# Switching thresholds for a comparator

Is it possible to use a comparator to detect a negative signal? I have a negative signal that goes from 0V to -1V. I want the comparator to output a logic high when the signal goes below -0.6V and a logic low when the signal goes above -0.4V. Since propagation delay is important in my application I found this comparator to be a good option.

To accomplish this I want to use a negative voltage reference of -0.5V on the Vp pin. Vn is going to be the signal input. In the datasheet on page 3 of 16 is stated that the hysteresis can be set to 120mV with a 80k resistor. A 120mV hysteresis would be fine for me, but I don't know how to connect the Hysteresis pin, can I simply connect the 80k resistor from the hysteresis pin to ground?

If I apply a voltage of -0.5V on Vp and set the hysteresis to 120mV. The switching thresholds would be -0.56V and -0.44V, right?

• @AndrewMorton I do have a negative supply Sep 11, 2021 at 12:30
• Almost any comparator can do that, specially if you have a dual supply. Sep 11, 2021 at 13:12
• What output, what speed, LT1715 may be better choice. Show some schematics, better description. Sep 11, 2021 at 13:30

Your chosen comparator ADCMP603 solves your hysteresis requirement nicely. With a standard comparator you’d have to add feedback from output to + input to get hysteresis.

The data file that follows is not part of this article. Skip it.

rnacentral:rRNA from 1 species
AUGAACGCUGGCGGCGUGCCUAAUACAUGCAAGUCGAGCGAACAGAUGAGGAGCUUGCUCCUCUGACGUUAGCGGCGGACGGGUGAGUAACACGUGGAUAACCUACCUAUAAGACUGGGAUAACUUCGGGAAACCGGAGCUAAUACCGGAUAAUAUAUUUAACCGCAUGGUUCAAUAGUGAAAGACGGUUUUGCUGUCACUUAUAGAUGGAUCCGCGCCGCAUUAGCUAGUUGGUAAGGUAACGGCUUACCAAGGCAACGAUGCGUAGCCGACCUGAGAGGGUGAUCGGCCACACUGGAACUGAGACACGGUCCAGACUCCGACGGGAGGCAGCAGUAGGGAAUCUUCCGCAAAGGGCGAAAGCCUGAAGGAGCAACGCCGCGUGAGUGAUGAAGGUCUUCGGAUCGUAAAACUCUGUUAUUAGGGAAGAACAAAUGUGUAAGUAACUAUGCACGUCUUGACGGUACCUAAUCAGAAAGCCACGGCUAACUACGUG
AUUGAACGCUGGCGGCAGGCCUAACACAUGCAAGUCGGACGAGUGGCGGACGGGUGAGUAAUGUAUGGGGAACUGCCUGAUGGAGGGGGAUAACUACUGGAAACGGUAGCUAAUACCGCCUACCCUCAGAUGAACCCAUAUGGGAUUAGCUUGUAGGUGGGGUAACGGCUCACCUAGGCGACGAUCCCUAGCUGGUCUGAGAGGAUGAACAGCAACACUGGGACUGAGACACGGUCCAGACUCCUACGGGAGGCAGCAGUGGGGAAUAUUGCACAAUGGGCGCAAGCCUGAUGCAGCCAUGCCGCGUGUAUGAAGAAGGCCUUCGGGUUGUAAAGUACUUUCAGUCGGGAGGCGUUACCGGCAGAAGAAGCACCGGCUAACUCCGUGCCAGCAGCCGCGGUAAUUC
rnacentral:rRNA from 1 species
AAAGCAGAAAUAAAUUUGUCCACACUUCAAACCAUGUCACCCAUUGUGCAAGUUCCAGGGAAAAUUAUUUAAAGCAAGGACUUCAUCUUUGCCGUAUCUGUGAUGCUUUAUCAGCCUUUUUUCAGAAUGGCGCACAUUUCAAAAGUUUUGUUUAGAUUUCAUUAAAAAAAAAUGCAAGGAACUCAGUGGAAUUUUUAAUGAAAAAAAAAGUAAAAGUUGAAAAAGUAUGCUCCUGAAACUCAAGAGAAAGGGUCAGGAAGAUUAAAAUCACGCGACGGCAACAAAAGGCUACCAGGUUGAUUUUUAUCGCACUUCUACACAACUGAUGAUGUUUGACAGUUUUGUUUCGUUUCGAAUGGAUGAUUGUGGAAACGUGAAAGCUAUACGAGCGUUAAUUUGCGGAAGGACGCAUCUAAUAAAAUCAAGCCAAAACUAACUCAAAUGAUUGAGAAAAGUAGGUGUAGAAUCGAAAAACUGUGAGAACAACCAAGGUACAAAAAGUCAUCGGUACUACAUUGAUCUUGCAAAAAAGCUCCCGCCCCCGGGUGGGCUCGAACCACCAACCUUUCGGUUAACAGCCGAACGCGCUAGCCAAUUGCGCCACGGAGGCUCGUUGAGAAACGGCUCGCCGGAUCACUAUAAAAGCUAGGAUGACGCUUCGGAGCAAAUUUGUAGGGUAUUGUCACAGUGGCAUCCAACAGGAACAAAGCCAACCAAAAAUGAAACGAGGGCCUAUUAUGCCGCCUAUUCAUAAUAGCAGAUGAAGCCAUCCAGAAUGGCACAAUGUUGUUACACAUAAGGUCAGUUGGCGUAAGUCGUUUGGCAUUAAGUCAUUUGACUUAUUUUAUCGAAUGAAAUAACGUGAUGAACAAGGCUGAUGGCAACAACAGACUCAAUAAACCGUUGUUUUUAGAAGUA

The ADCMP603 can only accept signals down to -0.5V so you can’t connect your input directly to it.

But you should be able to simply pull up your -1.0 to 0.0V input into a range the comparator can handle with resistors to a postive rail. Assuming that’s 3.3V it would look something like this:

The signal now swings around ground, which is the comparator reference, and there's still enough signal swing to allow hysteresis (set by resistor not shown).

This assumes whatever is generating your -1.0 to 0.0V signal is not perturbed by the 72K pullup to 3.3V. If output impedance is high you'd have to play with resistor values to get a proper swing around ground.

Your chosen part has TTL outputs so doesn't need the pullup resistor on its output that a standard open-collector comparator requires.

• Nice napkin drawing! Sep 13, 2021 at 20:32
• Gotta use 2-ply. Sep 13, 2021 at 20:56

I think you have two options.

simulate this circuit – Schematic created using CircuitLab

Figure 1. (a) Single-ended supply. (b) Dual-rail supply.

a

• R2 and R4 set the threshold at a positive switching value.
• R1 and R3 form a voltage divider pulling the '-' input half way between V+ and IN1.
• R5 is a pull up if the comparator has an open collector / drain output.

b

• The comparator is fed from a dual supply.
• IN1 can vary from V+ to V-.
• R7 and R10 set the switching point.
• The problem is that the output will be pulled to V- which is, most likely, not compatible with your logic. R11 and D2 will clamp a low output at > -0.4 V or so.

You need to figure out if option (b) is suitable for your logic family. If D2's Vf is greater than that of the logic input then the logic input will bear the burden of the clamping current and may cause premature failure.

I did not read the datasheet for your specific comparator so check carefully.